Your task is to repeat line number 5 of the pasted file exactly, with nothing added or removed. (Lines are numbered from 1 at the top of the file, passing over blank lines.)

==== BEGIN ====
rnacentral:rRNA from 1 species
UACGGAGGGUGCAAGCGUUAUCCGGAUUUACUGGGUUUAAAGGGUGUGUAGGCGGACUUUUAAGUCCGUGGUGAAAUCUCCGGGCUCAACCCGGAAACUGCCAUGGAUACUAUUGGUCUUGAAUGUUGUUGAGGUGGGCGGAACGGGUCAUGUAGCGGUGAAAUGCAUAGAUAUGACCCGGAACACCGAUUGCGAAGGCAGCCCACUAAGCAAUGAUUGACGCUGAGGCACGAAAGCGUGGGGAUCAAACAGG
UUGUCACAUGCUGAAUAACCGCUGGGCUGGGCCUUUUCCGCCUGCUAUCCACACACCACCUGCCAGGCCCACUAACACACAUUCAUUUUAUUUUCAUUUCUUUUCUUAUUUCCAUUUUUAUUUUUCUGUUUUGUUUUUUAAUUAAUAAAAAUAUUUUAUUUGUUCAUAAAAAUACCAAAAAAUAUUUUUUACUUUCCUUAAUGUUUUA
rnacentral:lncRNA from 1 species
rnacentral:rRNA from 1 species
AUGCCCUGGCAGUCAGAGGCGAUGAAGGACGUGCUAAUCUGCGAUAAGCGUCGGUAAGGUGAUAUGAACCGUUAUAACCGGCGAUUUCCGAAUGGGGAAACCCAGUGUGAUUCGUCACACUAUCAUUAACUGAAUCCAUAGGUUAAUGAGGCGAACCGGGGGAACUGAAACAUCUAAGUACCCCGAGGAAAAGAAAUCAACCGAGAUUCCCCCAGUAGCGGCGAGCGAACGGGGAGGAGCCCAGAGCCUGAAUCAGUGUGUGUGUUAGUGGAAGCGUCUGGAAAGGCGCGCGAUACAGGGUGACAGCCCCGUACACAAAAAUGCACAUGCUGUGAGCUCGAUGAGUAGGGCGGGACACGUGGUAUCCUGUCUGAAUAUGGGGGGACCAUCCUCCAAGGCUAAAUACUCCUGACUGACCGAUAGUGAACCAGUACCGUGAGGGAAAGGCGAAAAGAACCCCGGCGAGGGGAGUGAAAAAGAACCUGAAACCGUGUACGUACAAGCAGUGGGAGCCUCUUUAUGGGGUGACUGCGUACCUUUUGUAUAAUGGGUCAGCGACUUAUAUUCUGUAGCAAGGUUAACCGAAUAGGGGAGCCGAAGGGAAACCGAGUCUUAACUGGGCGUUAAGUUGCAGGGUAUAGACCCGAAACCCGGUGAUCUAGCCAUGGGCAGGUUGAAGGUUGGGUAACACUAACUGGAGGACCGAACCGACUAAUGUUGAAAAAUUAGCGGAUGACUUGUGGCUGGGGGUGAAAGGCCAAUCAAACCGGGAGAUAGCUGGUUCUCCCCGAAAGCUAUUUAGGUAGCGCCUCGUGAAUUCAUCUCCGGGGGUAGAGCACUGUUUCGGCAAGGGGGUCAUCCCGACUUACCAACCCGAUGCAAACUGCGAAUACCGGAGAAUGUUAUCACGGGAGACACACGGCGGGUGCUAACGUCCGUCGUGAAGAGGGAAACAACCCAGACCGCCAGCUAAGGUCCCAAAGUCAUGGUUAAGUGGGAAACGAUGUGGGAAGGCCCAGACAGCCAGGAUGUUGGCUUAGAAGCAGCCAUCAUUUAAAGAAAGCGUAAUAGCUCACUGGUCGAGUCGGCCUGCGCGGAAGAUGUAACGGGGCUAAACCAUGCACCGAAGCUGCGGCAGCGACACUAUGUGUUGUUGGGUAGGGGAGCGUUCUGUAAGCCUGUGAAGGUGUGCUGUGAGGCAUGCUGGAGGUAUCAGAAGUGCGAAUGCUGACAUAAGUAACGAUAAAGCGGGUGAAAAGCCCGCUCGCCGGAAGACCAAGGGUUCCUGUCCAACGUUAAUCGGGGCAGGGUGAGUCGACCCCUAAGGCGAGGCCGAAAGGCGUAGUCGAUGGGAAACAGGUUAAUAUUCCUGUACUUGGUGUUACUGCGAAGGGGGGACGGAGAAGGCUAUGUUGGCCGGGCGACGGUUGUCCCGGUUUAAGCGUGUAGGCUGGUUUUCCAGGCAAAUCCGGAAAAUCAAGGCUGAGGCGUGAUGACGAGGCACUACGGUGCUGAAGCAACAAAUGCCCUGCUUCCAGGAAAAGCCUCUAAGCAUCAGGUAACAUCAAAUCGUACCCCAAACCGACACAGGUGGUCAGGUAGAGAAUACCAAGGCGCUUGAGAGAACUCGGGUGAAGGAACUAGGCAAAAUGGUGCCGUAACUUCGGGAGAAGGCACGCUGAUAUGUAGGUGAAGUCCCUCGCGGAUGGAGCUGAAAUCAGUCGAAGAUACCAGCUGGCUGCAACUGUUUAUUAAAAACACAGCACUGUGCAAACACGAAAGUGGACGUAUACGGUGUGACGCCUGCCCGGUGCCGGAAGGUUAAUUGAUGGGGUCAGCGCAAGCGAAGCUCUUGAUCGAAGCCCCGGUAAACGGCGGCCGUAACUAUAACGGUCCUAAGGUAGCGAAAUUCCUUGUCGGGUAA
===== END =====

rnacentral:rRNA from 1 species